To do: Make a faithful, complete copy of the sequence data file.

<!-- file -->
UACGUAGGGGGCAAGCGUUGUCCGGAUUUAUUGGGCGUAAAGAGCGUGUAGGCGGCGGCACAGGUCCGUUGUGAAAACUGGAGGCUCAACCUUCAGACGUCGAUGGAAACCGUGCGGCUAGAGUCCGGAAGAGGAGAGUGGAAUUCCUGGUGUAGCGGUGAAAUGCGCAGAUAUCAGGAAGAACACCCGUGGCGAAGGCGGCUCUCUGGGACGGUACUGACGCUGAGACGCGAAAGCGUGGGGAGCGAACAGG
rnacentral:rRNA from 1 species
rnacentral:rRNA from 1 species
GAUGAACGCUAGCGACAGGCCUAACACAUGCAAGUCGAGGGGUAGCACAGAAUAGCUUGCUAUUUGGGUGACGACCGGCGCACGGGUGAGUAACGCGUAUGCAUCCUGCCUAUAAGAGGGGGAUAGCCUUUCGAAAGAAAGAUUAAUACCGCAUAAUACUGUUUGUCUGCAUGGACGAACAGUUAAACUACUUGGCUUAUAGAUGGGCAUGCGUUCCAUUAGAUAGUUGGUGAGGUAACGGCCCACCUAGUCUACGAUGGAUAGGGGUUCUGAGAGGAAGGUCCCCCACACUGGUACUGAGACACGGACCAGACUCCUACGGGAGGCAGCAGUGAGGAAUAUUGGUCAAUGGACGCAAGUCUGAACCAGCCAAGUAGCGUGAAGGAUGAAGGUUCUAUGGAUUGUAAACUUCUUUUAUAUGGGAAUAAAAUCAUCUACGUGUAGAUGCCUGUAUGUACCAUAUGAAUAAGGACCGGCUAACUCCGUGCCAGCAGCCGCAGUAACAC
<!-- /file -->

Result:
UACGUAGGGGGCAAGCGUUGUCCGGAUUUAUUGGGCGUAAAGAGCGUGUAGGCGGCGGCACAGGUCCGUUGUGAAAACUGGAGGCUCAACCUUCAGACGUCGAUGGAAACCGUGCGGCUAGAGUCCGGAAGAGGAGAGUGGAAUUCCUGGUGUAGCGGUGAAAUGCGCAGAUAUCAGGAAGAACACCCGUGGCGAAGGCGGCUCUCUGGGACGGUACUGACGCUGAGACGCGAAAGCGUGGGGAGCGAACAGG
rnacentral:rRNA from 1 species
rnacentral:rRNA from 1 species
GAUGAACGCUAGCGACAGGCCUAACACAUGCAAGUCGAGGGGUAGCACAGAAUAGCUUGCUAUUUGGGUGACGACCGGCGCACGGGUGAGUAACGCGUAUGCAUCCUGCCUAUAAGAGGGGGAUAGCCUUUCGAAAGAAAGAUUAAUACCGCAUAAUACUGUUUGUCUGCAUGGACGAACAGUUAAACUACUUGGCUUAUAGAUGGGCAUGCGUUCCAUUAGAUAGUUGGUGAGGUAACGGCCCACCUAGUCUACGAUGGAUAGGGGUUCUGAGAGGAAGGUCCCCCACACUGGUACUGAGACACGGACCAGACUCCUACGGGAGGCAGCAGUGAGGAAUAUUGGUCAAUGGACGCAAGUCUGAACCAGCCAAGUAGCGUGAAGGAUGAAGGUUCUAUGGAUUGUAAACUUCUUUUAUAUGGGAAUAAAAUCAUCUACGUGUAGAUGCCUGUAUGUACCAUAUGAAUAAGGACCGGCUAACUCCGUGCCAGCAGCCGCAGUAACAC